New Yorkers fight city health code, neighbors to keep porkers
NEW YORK — In a city of high-rises and tiny apartments, pigs are found mainly on menus. Most New Yorkers would never consider making pets out of a barnyard animal that's synonymous with sloppiness.
The city's health code specifically forbids it, forcing pig owners in the nation's largest metropolis to keep their swine secret — or take the risk an unhappy neighbor might squeal.
“People think it's weird and a novelty, but they're really sweet and really smart animals,” says Timm Chiusano, who keeps two potbellied pigs on the ground floor of his three-story brownstone in Brooklyn. “They can be fantastic pets.”
Chiusano moved to his home after raising his pets from piglets in a condo high-rise, where a neighbor once raised a stink about them piddling in the lobby.
Now his difficulties are largely logistical. Though billed as “mini pigs” when he got them five years ago, Cholula and Runtly now weigh in at 200 and 70 pounds, respectively.
He renovated his home with the pigs in mind, putting their beds and food on the first floor (their legs are too stubby to climb stairs) and installing special flooring that holds up to hooves. He's also constantly resodding his tiny backyard because the grass is essentially a salad bar for swine.
Danielle Forgione is scrambling to sell her second-floor Queens apartment after a neighbor complained about 1-year-old Petey the pig to the co-op board. In November and December she was issued city animal violations, and in January was told by the city and her management office that she needed to get rid of the pig.
“He's part of our family,” says Forgione, whose pet weighs in at nearly 40 pounds, stands 15 inches tall and measures 21 inches long, snout to tail.
“This is our pet. He's not harming anybody. He goes to the vet every six months. He gets his hooves clipped. He gets de-wormed, he gets his shots,” she says.
Forgione purchased Petey as a therapeutic animal after losing her brother in a motorcycle accident last year. Also, one of her six children is allergic to dog hair, so Petey's coarse, human-like hair is ideal.
“He sleeps in the same bed as my youngest,” she says, adding that Petey wears sweaters she buys from online dog-clothing stores. “And he's not aggressive either.”
But the city put its foot down and earlier this month denied her petition to amend the city's health code to create an exception for “domesticated mini pigs.” She's exhausted her appeals and has until later this summer to remove Petey or authorities will do it for her.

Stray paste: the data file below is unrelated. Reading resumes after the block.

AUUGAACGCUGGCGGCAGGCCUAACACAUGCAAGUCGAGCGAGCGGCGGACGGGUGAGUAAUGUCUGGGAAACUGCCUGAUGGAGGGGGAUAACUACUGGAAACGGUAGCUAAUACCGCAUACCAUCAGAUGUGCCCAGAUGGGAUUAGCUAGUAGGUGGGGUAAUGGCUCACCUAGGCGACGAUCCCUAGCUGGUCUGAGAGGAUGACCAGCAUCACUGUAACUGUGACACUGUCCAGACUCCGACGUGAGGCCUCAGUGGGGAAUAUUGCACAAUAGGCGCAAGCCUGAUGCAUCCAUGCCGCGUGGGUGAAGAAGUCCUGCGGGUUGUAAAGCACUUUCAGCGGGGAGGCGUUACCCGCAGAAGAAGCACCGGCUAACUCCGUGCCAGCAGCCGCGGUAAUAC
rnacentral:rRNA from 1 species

City officials say pigs, even smaller breeds that are kept as pets, are a public health risk because they cannot be vaccinated for rabies and can become aggressive, especially during their first few years.
Since 2008, there have been 89 illegal animal violations — but the violations database doesn't differentiate animals by type so there's no way to know how many of those violations were for pigs.
“Pigs are hard to police,” says Salvatore Pernice, a Staten Island veterinarian who recently flouted the health code to purchase his 9-month-old mini-pig, Albert, from a breeder in Texas for $950. He picked the animal up at the Newark Airport and brought him home, where he's able to enjoy a backyard. He gets along fine with Pernice's other pets, a cat and two dogs.
“I do think it's probably better to live in a place where they are able to root, graze and be a pig,” says Pernice, who lives in a detached house with a large yard.
Exactly how many New Yorkers own pigs is unclear. But many connect online, creating Facebook pages for their pets and swapping photos. One Brooklyn pig named Franklin is dressed up in Mets baseball gear on his Facebook page and has more than 1,000 likes.
Pig lovers also hope to overturn the city's ban.
They point to the case of Mayor Michael Bloomberg's daughter, Georgina, who adopted a pig from an animal shelter in New Jersey after Superstorm Sandy and brought it to Gracie Mansion on Thanksgiving Day. A spokesman for the mayor says she learned it was illegal and took it back to her home in Florida the next day.
Pig activists' strongest hope may be with New York state Sen. Tony Avella, who last month held a news conference for Petey and has called the city health commissioner to plead the pig's case — so far to no avail.
For Petey's owners, whether they live in New York City or have to move away won't change what has become a life-altering devotion to pigs.
“I've had a slab of bacon in the freezer for I don't know how long,” Forgione says. “I just can't bring myself to eat it.”
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